The nonprofit agency that oversees day care programs for low-income families in Pasco and Hernando opened three new offices Monday to give residents better access to services.
The Early Learning Coalition of Pasco and Hernando Counties oversees Florida's Voluntary Prekindergarten, or VPK, program, which is open to all children regardless of household income. It also provides subsidized child care programs that give assistance for low-to-moderate income working families by paying a portion of the child care costs on a sliding fee scale.
The coalition opened its new locations in New Port Richey, Dade City and Brooksville as part of its move to take over services that had been supplied by the private firm Childhood Development Services.
The Ocala-based agency, called CDS, had won the $25 million contract several years ago in a political battle after two agencies that served Pasco and Hernando separately were required to merge as part of state-mandated cost-cutting.
Some day care operators complained that CDS services were not as comprehensive as those provided by the previous firm, New Port Richey's Youth and Family Alternatives. Unlike YFA, CDS did not have an office in East Pasco, home to migrant workers and many of the county's neediest residents. The agency did have a staffer available part time to handle appointments.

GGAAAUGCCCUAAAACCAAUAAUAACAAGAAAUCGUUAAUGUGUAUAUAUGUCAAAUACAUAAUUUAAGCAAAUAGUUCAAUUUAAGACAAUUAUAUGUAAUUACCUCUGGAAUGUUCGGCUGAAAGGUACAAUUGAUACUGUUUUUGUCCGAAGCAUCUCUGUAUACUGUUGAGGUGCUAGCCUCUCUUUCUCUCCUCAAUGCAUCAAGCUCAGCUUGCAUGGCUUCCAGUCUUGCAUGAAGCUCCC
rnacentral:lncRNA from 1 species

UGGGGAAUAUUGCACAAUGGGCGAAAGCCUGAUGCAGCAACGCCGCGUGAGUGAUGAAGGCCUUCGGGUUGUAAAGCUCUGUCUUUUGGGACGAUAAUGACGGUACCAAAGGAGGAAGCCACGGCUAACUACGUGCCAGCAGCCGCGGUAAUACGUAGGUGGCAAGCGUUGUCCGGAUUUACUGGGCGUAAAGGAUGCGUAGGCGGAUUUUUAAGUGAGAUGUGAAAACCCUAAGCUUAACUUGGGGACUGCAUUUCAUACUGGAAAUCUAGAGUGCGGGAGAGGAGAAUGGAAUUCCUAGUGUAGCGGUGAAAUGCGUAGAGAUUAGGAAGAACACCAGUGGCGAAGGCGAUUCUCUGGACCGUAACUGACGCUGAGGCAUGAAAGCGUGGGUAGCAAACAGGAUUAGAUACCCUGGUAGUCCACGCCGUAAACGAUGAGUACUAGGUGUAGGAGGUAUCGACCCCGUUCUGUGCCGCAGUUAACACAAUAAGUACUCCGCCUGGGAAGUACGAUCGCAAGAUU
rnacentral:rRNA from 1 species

The situation was unacceptable to Jim Farrelly, a retired New Jersey educator who took over as the coalition's executive director in 2008. With board approval, he gradually consolidated services in-house and ended the arrangement with CDS.
He says the move will save the coalition $500,000 a year, which will go toward the needs of children and families.
"This final step in the transition process to in-house services will assure a consistent level of care and high-quality services for the families of Pasco and Hernando counties," he said. "At the same time, all funds saved will be spent on children and families."
Farrelly said he didn't realize until he moved to the area just how great the distance is between east and west Pasco.
"It's quite a haul," he said. "And I have my car. A lot of the people we serve rely on public transportation."